We Don’t Care What the Stinking Pipeline Carries.
Remember the Keystone XL pipeline? Welcome to the Summit pipeline. Instead of oil, the pipeline would carry millions of tons of carbon dioxide from ethanol plants to be injected into underground rock formations rather than dispersed as pollutants in the air. The 2,000 mile pipeline would carry carbon dioxide across five states to underground storage in North Dakota. If built, it would be the largest carbon dioxide pipeline in the world. The idea behind the Summit pipeline is to take carbon dioxide from ethanol plants, where it is a byproduct… read morePosted in Carbon Dioxide Pipeline, Condemnation, Environment, Pipelines
March 16, 2023
Racial Bias in Valuation of Residential Homes
We previously wrote an article in the New York Law Journal, “Diversity is Needed to End Racial Bias in Home Appraisals,” NYLJ December 27, 2022. We stated, the answer to appraisal bias on racial grounds is to expand opportunities for Black real estate professionals. In a statement issued on September 20, 2020, the Appraisal Institute, the largest professional association of real estate appraisers reiterated its efforts to expand opportunities for aspiring appraisers to help combat bias in valuation. Less than 2 percent of appraisers identify as Black. The appraisal industry… read morePosted in Racial Bias, Valuation
March 9, 2023
Harris Neck, Georgia – Time to Return the Land
Harris Neck is located along the coast in the northeast corner of McIntosh County, Georgia. It was once home to a prosperous and self-reliant community of 75 African American families. It has been described as a stunningly beautiful 2,687 acres of meadows, freshwater ponds and marsh. From the end of the Civil War until 1942, the community lived harmoniously with each other and their natural environment. According to an article written by Scott Reid in Change.org, “The people lived off the land, creeks, rivers and ocean, and they took their… read morePosted in Condemnation, Due Process, Fair Market Value, Racial Prejudice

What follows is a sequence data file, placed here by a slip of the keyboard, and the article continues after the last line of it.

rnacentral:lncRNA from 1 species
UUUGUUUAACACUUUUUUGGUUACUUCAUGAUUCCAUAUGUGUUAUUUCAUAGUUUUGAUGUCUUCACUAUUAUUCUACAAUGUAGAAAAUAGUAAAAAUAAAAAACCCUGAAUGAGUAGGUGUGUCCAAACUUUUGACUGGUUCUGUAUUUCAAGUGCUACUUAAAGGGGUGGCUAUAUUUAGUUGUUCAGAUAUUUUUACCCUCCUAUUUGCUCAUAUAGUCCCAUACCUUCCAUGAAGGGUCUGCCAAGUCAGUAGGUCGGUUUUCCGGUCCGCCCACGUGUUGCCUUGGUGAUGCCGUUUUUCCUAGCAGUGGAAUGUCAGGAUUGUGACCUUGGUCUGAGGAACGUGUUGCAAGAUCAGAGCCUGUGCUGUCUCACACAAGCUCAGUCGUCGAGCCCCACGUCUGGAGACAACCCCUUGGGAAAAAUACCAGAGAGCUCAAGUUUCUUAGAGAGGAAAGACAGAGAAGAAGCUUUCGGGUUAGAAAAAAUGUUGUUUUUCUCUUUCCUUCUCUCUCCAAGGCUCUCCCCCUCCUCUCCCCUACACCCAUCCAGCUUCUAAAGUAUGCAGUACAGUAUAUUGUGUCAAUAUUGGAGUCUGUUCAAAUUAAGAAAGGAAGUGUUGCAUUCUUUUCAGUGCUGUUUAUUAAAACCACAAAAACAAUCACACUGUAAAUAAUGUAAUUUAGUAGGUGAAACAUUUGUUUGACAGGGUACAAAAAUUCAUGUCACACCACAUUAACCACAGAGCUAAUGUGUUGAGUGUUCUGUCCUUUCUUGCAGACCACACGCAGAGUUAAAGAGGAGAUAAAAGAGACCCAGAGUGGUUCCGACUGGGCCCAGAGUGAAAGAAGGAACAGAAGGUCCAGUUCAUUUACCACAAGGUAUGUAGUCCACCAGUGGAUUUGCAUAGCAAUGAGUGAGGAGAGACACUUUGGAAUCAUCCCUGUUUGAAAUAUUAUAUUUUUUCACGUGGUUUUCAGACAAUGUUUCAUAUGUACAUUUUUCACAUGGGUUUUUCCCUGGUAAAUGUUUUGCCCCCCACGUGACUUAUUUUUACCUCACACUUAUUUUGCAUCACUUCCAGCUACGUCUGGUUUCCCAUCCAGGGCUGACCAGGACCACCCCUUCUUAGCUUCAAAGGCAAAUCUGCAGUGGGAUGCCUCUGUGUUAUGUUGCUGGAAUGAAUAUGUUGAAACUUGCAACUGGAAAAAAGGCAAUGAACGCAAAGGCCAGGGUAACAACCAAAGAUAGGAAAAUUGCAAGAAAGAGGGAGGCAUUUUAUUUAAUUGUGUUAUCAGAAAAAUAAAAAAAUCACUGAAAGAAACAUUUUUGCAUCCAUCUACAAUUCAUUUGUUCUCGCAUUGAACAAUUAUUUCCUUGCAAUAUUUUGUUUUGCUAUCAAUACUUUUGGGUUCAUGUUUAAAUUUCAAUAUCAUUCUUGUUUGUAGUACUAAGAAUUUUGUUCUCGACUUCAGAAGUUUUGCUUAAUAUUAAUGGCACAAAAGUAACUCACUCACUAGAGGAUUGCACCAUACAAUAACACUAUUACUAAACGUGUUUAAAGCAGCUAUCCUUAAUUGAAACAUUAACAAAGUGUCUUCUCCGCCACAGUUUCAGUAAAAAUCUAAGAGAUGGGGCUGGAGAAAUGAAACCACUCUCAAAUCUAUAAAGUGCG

March 7, 2023
The Legacy of San Juan Hill – Not Pretty!
The New York Times ran a story by James Barron on February 15, 2023, “Before Lincoln Center, San Juan Hill was a Vibrant Black Community.” The article focused on an established and vibrant neighborhood that was razed for Lincoln Center in Manhattan. Seven thousand families and 800 businesses were displaced by urban renewal. The name of the neighborhood was thought to have been a tribute to the Black cavalry unit that fought in the battle of San Juan Hill during the Spanish-American War in 1898. San Juan Hill was an… read morePosted in Blight, Condemnation, Racial Prejudice, Urban Renewal
February 21, 2023
The Mere Mention of a Highway is Enough to Destroy a Neighborhood
An article written by Megan Kimble, “A Highway that Doesn’t Exist is Strangling a Black Neighborhood” published in Bloomberg.com describes what happened to the Allendale neighborhood in Shreveport, Louisiana. In my article, ‘Urban Renewal, An Assault on Black Neighborhoods,” to be published in the New York Law Journal on February 28, 2023, I spoke of how, “[i]n city after city, highways that were build to appease white suburban commuters, and enabled through white suburban commuters, and enabled through eminent domain and funds from the 1949 Housing Act and 1956 Interstate… read more
The purpose of the Goldstein, Rikon, Rikon & Levi, P.C. Eminent Domain Blog is to provide the public with information about the practice of eminent domain law. We also hope to share relevant updates and legal developments affecting this area of the law.